How to Conjugate #YOLO in Latin

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My Latin is really rusty, so I had to look this one up. YOLO (the acronym for "you only live once") is a first conjugation regular verb. It's often used as a hashtag on Twitter by people expressing their wild and dangerous lifestyles.

It was also used by the ancient Romans. For example, in his history of Rome, Livy wrote about one of the early heroes of the republic, Horatius Cocles. In the late Sixth Century B.C., the army of Lars Porsena invaded Rome. It attempted to cross a bridge into the city. Cocles stood on that bridge and personally halted the enemy advance. Livy writes:

So he shouted to them to break down the bridge by sword or fire, or by whatever means they could, he would meet the enemies' attack so far as one man could keep them at bay. He advanced to the head of the bridge. Amongst the fugitives, whose backs alone were visible to the enemy, he was conspicuous as he fronted them armed for fight at close quarters. The enemy were astounded at his preternatural courage. Two men were kept by a sense of shame from deserting him - Sp. Lartius and T. Herminius - both of them men of high birth and renowned courage. With them he sustained the first tempestuous shock and wild confused onset, for a brief interval. Then, whilst only a small portion of the bridge remained and those who were cutting it down called upon them to retire, he insisted upon these, too, retreating. Looking round with eyes dark with menace upon the Etruscan chiefs, he challenged them to single combat, and reproached them all with being the slaves of tyrant kings, and whilst unmindful of their own liberty coming to attack that of others. For some time they hesitated, each looking round upon the others to begin. At length shame roused them to action, and raising a shout they hurled their javelins from all sides on their solitary foe. He caught them on his outstretched shield, and with unshaken resolution kept his place on the bridge with firmly planted foot. They were just attempting to dislodge him by a charge when the crash of the broken bridge and the shout which the Romans raised at seeing the work completed stayed the attack by filling them with sudden panic. Then Cocles said, "Tiberinus, holy father, I pray thee to receive into thy propitious stream these arms and this thy warrior. #YOLO!" So, fully armed, he leaped into the Tiber, and though many missiles fell over him he swam across in safety to his friends: an act of daring more famous than credible with posterity.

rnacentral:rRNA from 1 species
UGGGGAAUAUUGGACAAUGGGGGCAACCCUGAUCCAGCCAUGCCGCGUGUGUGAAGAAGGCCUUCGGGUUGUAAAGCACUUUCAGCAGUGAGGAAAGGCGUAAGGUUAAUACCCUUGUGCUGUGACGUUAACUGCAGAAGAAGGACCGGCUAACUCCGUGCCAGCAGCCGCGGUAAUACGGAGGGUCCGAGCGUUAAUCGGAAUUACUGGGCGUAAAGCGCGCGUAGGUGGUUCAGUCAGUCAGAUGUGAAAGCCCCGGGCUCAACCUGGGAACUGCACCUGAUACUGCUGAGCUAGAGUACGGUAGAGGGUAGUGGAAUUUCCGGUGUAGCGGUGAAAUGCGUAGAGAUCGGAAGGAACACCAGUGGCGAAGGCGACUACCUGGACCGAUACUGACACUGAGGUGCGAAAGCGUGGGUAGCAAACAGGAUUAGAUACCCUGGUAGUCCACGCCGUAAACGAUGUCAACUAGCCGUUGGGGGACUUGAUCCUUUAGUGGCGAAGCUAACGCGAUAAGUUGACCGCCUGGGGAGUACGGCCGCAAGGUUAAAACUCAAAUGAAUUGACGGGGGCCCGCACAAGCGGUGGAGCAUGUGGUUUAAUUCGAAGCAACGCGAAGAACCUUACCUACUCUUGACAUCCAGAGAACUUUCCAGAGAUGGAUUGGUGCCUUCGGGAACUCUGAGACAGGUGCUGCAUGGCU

-via Joe Carter


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Actually, it's an irregular verb patterned after volo. I know, because my Latin I students conjugated it:

yolo, yelle, yolui

present:
yolo
yiss*
yult
yolimus
yultis
yolunt

imperfect: yolebam, etc.
future: yolam, etc.
perfect: yolui, etc.
pluperf.: yolueram, etc.
fut. perf.: yoluero, etc.

* Variable personal ending of enthusiasm. E.g.: Eheu, yissssss
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